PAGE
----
The Joy of Teeth

I was at the dentist the other day. I felt treated with such care and consideration and empathy. Not the sentimentality that would keep her from removing a tooth if necessary but true compassion.
I was able to recognize that same care and compassion, in me, I was able to finally see it, by her example, in myself, too close to it to see it previously, taking my care of others for granted.
You see, was constantly panicked and hurt and depressed ashamed and embarrassed and worried from the harm done to me from my parent and siblings. They hate us for our compassion for it makes them look bad, so they attack, the narcissists in my life, my so called family.
The knowledge that I can handle life comes with the knowledge that I can give myself this unconditional care and understanding independent of others.
My lifelong anxiety and loss was as a child who had never known anything but institutional care, an virtual orphan who needed to ‘be of use’ to have any worth to himself and only conditionally to others.
I became free of these emotional consequences when I decided I no longer had to ‘be of use’ as I was no longer dependant on others for care, I am self caring. Both sides of the business contract of love and compassion for hire, thrown in the trash.
So my being treated with unconditional care, it an intimate physical way, my mouth, with no expectation of similar return, gave me an example, a reminder, of how to treat myself. I don’t believe that I had ever had a relationship of any kind, professional or otherwise, where there was such obvious care.
My typical relationships were like the social worker in the hospital, whose focus was on what an inconvenience I was, how I made life difficult for her, with my situation, conditions of no supportive family, only able to support myself and my art by working hard, none left over to save, not yet old enough for seniors annual income.
She said, ‘your body has let you down’, whereas I thought my body had suffered a random injury in my brain, and was busy healing, taking care of it.
She scared me, typical of the harsh institutional ‘care’ I had known since birth. When she left, her replacement was even worse, a true conservative sent in to deal harshly with the freeloaders like me. Either get a job or we send you to the single men’s hostel she said. But I can’t walk, and my right dominant arm is flaccid. Doesn’t matter, lots of people in wheelchairs have jobs… My previously agreed upon recovery plan was to apply for government funding for the severely handicapped and stay in hospital continuing to recover and receive treatment till the funding arrived, then see where I was going to go, an institution probably, assisted living, where someone wipes your ass at worst, or set up my own home at best.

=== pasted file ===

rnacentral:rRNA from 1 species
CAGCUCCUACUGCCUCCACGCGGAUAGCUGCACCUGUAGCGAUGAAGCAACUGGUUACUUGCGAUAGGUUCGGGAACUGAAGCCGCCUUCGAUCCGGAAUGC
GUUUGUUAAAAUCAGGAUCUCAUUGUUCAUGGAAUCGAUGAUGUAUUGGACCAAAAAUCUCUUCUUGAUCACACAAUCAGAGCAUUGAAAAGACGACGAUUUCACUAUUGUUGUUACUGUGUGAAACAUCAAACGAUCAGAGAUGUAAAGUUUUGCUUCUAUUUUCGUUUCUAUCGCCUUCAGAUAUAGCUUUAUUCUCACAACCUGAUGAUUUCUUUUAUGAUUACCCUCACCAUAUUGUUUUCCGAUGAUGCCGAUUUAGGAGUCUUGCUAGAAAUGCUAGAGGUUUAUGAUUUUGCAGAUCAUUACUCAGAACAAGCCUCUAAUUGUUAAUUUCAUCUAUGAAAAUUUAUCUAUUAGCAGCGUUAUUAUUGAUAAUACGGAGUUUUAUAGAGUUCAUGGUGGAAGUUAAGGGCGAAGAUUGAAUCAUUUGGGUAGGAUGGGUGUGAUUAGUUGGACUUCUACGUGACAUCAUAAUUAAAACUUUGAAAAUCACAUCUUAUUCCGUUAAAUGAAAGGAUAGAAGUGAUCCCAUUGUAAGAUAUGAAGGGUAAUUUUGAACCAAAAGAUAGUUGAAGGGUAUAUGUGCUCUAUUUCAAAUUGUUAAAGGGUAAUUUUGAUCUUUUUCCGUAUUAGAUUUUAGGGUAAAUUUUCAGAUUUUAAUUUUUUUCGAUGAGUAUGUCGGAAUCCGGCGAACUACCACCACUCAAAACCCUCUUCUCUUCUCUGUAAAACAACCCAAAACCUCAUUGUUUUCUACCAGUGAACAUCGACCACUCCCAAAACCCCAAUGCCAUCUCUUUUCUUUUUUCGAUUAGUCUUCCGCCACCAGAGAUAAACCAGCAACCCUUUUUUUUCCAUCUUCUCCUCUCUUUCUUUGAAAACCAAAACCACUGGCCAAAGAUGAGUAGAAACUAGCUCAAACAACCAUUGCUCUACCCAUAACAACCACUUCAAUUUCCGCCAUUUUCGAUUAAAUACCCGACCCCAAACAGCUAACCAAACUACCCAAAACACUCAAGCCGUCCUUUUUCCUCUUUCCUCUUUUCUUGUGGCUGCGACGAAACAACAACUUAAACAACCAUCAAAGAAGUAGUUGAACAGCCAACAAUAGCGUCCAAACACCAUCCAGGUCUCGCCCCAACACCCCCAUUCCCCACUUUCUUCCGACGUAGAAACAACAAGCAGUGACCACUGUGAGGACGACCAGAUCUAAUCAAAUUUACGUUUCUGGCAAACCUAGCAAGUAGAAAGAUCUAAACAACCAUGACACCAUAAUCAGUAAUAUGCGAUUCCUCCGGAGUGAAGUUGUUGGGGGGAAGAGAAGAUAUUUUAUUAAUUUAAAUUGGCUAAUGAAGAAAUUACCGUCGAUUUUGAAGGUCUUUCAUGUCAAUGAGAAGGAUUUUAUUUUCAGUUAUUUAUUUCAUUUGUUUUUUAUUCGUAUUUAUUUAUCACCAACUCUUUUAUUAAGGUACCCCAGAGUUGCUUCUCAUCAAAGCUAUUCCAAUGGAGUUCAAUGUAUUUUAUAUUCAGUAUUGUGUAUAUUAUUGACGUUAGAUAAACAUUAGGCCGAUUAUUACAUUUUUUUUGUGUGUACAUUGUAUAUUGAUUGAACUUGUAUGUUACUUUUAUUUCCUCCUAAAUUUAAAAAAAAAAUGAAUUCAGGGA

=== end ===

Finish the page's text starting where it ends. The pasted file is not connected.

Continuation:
I mean this nazi social worker hadn’t even read my file, she was a former welfare intake worker whose job it was to reject folks, with a holy zeal. This I knew how to deal with, having grown up in the welfare system. These types of bullies are common and revert to their sycophantic ways in the presence of authority, in this case the Doc who ran the unit, making a proclamation that it wouldn’t be appropriate to send me to the single men’s hostel.
He knew me as a professional artist, making me the same class of professional as him, the welfare worker knew me as a labourer, my day gig at the time, self employed courier of meds to patients from the hospital.
The system warehoused working class people regularly, on foam mats on the floor, side by side, in neat rows, puking from a nights drinking of Listerine.
I first experienced real compassionate care when I met Arlo Guthrie the folk singer. His Mom had started the Huntington’s Society after her husband Woody Guthrie and his siblings and kids died of this genetic degenerative terminal brain disease. His Aunt woke up one day and decided to set the kids on fire. Brain diseases are like that.
I knocked on his bus at the folk fest where I was volunteering with my wife with Huntington’s disease. Hi we’re with the Huntington’s Society…C’mon in!
Turns out he was mainly an aids worker in NY, touring a bit, and making sure he made time to spend with folks who were lonely and scared and hurting. He wasn’t asking for anything in return, he already had it, he was giving it to himself.
And now since that fateful and loving dental appointment, so am I.